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    Kenya’s forest cover is estimated at 7.4% of the land mass cover. Forests are important in ensuring biodiversity conservation and providing ecosystem goods and services, improving community livelihoods and national GDP. There is need to enhance afforestation and reforestation programmes to achieve the envisioned 10% tree cover target. However, this effort is constrained by climate change issues arising from unsustainable exploitation of wood for charcoal and firewood leading to the depletion of important tree species such as T. brownii. The domestication of T. brownii under agroforestry systems and other tree planting programmes are constrained by lack of adequate supply of superior and high quality seeds and seedlings, poor silvi-cultural management techniques, low rates of integration into smallholder agroforestry programs, limited knowledge on crop-tree interactions and lack of allometric models to estimate biomass yield and carbon stock. A multidisciplinary research project funded by the National Research Fund (NRF) is ongoing and is geared towards promoting the propagation and regeneration of T. brownii under agroforestry systems in the drylands of Kenya to mitigate climate change. A number of preliminary findings have been reported, such are; (1) Terminalia brownii fruits have mechanical dormancy imposed by the hard samara fruit and that extracted T. brownii seeds record a high percentage of above 80% under warm conditions; (2) germination of T. brownii fruits and seeds are significantly affected by fungal pathogens and insect pests; (3) five variables significantly influence the decision to domesticate T. brownii these are; education level of household head, importance of farm to the household income, access to credit, dependency ratio and intercropping; (4) studies on the spatial distribution and occurrence and development of allometric equation for estimating above and below-ground biomass of T. brownii in the drylands of Kenya are ongoing. Further assessment on growth performance have shown that T. brownii is generally fast growing; can attain an increase in height of (~1.0 m) and DGL (3.0 cm) annually, with significance difference in growth within and between provenances and that the it can withstand many other growth challenges despite the harsh weather conditions. These findings suggest that T. brownii is a promising tree species in agroforestry systems and afforestation in drylands and that there exist genetic variability among the available provenances thus the need to involve more stakeholders in seedling production and to embark on...... Key words: T. brownii, Commercial tree, growth performance, drylands of Kenya ID: 3623166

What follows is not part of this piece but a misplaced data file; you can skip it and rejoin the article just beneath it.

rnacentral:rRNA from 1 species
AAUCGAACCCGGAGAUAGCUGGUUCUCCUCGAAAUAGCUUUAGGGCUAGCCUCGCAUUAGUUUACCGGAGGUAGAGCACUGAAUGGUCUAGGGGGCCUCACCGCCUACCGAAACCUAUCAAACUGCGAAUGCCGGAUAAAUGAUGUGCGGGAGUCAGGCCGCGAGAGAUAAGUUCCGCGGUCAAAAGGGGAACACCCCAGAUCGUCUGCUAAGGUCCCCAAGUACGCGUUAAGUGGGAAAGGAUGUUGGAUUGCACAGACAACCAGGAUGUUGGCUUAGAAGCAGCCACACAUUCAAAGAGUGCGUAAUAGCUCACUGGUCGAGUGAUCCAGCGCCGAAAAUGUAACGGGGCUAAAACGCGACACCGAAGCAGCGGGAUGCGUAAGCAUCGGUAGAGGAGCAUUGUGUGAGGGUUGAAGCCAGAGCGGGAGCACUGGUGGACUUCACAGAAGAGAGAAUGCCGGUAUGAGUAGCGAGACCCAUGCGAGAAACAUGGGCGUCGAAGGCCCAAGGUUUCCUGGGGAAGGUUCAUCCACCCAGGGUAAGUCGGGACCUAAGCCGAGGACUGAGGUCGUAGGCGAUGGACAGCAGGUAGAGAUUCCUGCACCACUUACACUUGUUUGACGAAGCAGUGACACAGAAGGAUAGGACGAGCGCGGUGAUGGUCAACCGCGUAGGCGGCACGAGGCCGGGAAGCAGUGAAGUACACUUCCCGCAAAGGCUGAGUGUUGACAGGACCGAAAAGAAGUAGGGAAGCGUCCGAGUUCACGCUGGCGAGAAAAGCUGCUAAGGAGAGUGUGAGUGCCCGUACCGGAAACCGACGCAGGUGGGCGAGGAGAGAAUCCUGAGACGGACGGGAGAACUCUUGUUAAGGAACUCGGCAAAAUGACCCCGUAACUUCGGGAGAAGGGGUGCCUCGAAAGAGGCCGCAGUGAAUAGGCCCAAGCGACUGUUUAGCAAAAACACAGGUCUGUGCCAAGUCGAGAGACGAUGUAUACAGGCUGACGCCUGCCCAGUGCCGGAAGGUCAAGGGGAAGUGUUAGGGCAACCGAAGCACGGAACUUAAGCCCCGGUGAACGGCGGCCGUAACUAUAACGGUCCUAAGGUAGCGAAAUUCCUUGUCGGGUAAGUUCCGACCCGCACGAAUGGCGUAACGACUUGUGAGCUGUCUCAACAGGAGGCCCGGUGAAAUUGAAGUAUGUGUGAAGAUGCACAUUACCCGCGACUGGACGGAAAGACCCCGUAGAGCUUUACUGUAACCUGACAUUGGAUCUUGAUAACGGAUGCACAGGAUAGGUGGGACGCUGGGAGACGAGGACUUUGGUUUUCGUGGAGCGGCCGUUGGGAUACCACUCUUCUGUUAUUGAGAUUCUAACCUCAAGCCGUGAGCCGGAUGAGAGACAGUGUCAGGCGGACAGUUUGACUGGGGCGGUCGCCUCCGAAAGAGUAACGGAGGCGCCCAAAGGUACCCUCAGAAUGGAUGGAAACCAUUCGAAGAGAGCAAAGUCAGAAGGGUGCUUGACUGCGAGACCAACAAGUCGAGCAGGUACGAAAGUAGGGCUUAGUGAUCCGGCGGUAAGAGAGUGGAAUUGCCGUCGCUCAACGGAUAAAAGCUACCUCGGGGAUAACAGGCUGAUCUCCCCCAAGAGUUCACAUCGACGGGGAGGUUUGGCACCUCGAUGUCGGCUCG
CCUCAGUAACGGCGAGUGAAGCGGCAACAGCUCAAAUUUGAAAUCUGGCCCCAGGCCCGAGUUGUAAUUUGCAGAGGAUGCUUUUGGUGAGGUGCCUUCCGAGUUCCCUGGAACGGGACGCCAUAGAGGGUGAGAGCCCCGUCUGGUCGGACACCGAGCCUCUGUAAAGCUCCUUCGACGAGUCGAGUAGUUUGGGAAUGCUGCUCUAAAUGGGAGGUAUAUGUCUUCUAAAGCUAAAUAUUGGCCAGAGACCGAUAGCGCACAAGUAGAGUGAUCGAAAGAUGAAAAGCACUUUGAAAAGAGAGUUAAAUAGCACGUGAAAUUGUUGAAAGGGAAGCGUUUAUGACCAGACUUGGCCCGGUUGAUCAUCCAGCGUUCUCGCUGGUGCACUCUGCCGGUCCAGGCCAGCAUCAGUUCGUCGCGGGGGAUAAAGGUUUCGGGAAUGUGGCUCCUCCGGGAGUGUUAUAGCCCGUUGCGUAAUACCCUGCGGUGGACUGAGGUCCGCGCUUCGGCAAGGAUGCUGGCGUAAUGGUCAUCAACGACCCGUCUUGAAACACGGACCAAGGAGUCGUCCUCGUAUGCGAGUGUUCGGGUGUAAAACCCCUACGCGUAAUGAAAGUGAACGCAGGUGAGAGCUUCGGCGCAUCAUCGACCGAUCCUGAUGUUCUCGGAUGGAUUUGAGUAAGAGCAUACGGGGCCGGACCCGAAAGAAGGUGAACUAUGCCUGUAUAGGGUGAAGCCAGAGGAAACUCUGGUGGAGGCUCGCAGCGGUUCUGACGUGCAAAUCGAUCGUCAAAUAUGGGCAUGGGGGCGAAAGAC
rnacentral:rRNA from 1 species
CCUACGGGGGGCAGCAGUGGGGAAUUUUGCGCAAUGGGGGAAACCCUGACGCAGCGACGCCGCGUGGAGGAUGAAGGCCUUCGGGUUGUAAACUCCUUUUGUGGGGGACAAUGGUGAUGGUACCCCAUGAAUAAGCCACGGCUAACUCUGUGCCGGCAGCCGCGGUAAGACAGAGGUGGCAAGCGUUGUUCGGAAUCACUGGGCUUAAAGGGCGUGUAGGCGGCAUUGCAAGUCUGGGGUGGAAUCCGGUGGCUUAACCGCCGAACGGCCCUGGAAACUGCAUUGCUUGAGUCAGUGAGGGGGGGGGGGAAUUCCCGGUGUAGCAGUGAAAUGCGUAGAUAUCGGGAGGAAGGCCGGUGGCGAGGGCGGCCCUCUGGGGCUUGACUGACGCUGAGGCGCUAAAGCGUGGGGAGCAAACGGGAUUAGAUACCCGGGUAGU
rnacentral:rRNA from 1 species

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    Why is artificial afforestation crucial for restoring nature? Studies on the dried bottom of Aral Sea, Kazakhstan
    XV World Forestry Congress, 2-6 May 2022
    2022
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    The Aral Sea, formerly the fourth largest inland lake located in Central Asia, has reduced dramatically as it lost most of its volume due to the large-scale water withdrawal for the cultivation of irrigated crops starting from the 1960s. The desiccated seafloor has become a source of salt, sand, and dust transfer to the adjacent regions, negatively affecting human health and the environment by inhibiting the survival and growth of the vegetation. In response, to stabilize the saline sand blowing from the Aral seabed, multiple domestic and international efforts have been performed to establish vegetation cover with indigenous trees of Haloxylon species as well as other salt- and water-stress tolerant woody and herbaceous plants of the region. As part of the afforestation project supported by the Korea Forest Service (South Korea) in Kazakhstan, field studies examined the impacts of the afforestation on carbon stock and soil quality. The summarized findings are as follows: 1) growth of planted seedlings indicates the measurable sequestration of carbon, which ultimately help to estimate its contribution to climate change mitigation by calculating the atmospheric greenhouse gas reductions; 2) afforestation increased the soil organic matter content which is closely related to soil fertility; 3) afforestation improved soil chemical properties for plants and soil microbes; 4) soil amelioration effects by the afforestation were statistically similar to those by natural vegetation succession. However, the soil conditions in the natural succession area improved after almost 50 years versus about 15 years in the afforested area. This signifies the relative efficiency of afforestation activities and thus helps justify the investments made. Based on the studies, we recommend further research to raise the efficiency of afforestation in arid areas, thereby reinforcing ecosystem restoration and climate change mitigation. Keywords: Aral Sea; afforestation; desertification; climate change; restoration; soil amelioration; carbon stock ID: 3615605